Considering Erdogan’s longtime efforts to control the military, none of this should come as a surprise. Starting in the late 2000s, Turkey launched a mass purge with the Ergenekon and Balyoz trials, in which an alliance of top military officers and secular power brokers stood accused of plotting to overthrow the country’s elected government. From early on, critics pointed out the travesties of justice in these Soviet-style show trials. Legal and forensic experts assailed them as tainted by dubious evidence. Yet hundreds of Turkey’s prominent secular citizens, including officers such as the outgoing chief of general staff, Ilker Basbug, were sentenced to years in prison in over a dozen different indictments. The generals next in lineto take over the army, navy, and the air force were either jailed or forced out.
As many critics, including the authors of this article, pointed out at the time, Gulen and Erdogan were in it together. Erdogan’s campaign against the secular military establishment never could have succeeded without Gulen. Detectives loyal to Gulen ran the investigations. Gulenist prosecutors and judges wrote the indictments and decided the cases, and media loyal to Gulen cheerfully reported the verdicts. Erdogan, who has recently made a habit of calling his every critic a Gulenist, was in those days Turkey’s Gulenist-in-chief.
It was only in late 2013, after prosecutors — the same ones who presided over the Ergenekon and Balyoz trials — issued arrest warrants for dozens of suspects in multiple corruption cases, indicting a who’s who of Erdogan’s inner circle including his children, four of his Cabinet ministers, pro-government billionaires, and the executives of a state-owned bank, that he changed his tune. best friend. When they came for him, he became their worst enemy.” style=”box-sizing: inherit;”>When they were going after his secular allies, Erdogan was the Gulenists’ best friend. When they came for him, he became their worst enemy.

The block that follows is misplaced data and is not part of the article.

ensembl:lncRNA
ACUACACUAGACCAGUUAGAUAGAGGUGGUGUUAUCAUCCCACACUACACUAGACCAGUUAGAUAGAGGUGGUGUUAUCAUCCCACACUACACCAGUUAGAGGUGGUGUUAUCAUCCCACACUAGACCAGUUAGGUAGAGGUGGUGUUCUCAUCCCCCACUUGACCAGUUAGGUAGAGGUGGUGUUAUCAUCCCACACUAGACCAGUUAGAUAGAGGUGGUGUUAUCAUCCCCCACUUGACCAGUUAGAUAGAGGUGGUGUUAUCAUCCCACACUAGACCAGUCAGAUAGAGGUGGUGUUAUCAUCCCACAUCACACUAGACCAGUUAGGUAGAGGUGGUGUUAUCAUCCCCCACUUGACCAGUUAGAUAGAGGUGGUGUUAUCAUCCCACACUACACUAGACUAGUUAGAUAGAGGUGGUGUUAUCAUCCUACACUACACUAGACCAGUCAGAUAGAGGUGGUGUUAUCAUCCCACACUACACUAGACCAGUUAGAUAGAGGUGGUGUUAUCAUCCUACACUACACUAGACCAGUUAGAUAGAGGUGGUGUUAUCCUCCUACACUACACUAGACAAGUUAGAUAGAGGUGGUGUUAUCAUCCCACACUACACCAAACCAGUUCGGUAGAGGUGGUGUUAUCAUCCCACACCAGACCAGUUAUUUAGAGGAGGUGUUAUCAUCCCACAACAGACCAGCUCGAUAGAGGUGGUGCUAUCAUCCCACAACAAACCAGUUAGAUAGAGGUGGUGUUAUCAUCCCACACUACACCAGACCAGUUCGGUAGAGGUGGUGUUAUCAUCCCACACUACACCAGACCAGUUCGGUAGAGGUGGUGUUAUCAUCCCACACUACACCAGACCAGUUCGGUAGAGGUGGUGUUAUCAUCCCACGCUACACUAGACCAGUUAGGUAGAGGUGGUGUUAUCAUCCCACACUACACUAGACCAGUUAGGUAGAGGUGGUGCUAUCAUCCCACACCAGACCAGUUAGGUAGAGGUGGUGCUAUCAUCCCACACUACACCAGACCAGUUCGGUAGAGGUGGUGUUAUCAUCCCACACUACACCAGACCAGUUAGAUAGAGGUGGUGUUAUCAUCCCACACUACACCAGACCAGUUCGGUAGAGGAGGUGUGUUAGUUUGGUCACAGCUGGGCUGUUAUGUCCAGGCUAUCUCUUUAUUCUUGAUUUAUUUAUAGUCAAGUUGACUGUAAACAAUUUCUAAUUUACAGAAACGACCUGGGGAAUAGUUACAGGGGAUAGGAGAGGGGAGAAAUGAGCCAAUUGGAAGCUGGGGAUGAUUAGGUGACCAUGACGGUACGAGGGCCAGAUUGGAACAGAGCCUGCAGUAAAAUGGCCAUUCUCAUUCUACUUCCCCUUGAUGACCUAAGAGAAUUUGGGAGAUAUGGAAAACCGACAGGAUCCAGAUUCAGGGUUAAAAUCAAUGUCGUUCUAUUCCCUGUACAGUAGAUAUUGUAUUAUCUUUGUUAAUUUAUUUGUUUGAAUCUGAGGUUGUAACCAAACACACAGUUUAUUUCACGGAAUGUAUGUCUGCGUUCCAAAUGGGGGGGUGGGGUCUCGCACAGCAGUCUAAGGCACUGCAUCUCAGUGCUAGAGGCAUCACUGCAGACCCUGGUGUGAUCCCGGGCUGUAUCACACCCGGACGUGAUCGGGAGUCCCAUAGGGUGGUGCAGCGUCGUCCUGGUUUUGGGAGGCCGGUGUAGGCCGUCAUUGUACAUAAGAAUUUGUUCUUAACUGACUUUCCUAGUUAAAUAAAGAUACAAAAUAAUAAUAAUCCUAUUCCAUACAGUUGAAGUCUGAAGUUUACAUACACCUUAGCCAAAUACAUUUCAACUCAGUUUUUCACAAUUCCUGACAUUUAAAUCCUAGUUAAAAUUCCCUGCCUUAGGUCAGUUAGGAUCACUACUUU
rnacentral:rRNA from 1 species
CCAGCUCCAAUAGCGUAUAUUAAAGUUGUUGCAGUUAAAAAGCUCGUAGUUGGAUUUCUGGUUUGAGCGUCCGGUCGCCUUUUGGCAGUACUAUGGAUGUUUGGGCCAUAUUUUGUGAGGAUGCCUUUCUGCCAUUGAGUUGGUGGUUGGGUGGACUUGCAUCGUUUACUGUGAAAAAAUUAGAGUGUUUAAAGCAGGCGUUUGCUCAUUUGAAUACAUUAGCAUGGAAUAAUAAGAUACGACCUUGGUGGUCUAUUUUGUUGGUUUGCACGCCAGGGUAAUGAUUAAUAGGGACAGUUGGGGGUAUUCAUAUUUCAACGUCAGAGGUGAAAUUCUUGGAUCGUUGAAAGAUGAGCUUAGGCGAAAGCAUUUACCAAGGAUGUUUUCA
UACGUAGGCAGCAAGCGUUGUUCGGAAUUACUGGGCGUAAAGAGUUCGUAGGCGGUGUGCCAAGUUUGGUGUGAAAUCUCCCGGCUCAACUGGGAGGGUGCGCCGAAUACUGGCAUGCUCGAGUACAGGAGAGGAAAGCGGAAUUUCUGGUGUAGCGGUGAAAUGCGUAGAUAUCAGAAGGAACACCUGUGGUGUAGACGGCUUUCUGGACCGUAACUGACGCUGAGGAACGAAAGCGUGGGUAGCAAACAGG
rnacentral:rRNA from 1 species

When they were going after his secular allies, Erdogan was the Gulenists’ best friend. When they came for him, he became their worst enemy.
Erdogan now speaks of his past alliance with Turkey’s public enemy No. 1, Fethullah Gulen, with feigned naiveté. He offers mea culpas, apologizing for being duped. In reality, Erdogan could not have benefited more from it.
None of this happened in secret. There were many who tried to warn against it. In 2011, the entire Turkish high command — Gen. Isik Kosaner, chief of the general staff, plus the commanders of the army, navy, and the air force — quit their posts over the trials. Two years later, Adm. Nusret Guner dramatically resigned in protest only weeks before his promotion to the top post in the navy, as did many other naval officers, including one of us.
Outside the barracks, the likes of former police intelligence chief Hanefi Avci and the journalist Ahmet Sikpublished exposés on how Gulen and Erdogan were colluding to eliminate their secular rivals, only to find themselves behind bars. All these warnings fell on deaf ears. Foreign publications, including this one, published odes to the duo taming Turkey’s military. Both at home and abroad, many observers kept cheering for Gulen and Erdogan in the false belief that they were merely pushing the military out of politics. In fact, their goal was to make the military an instrument of their political preferences.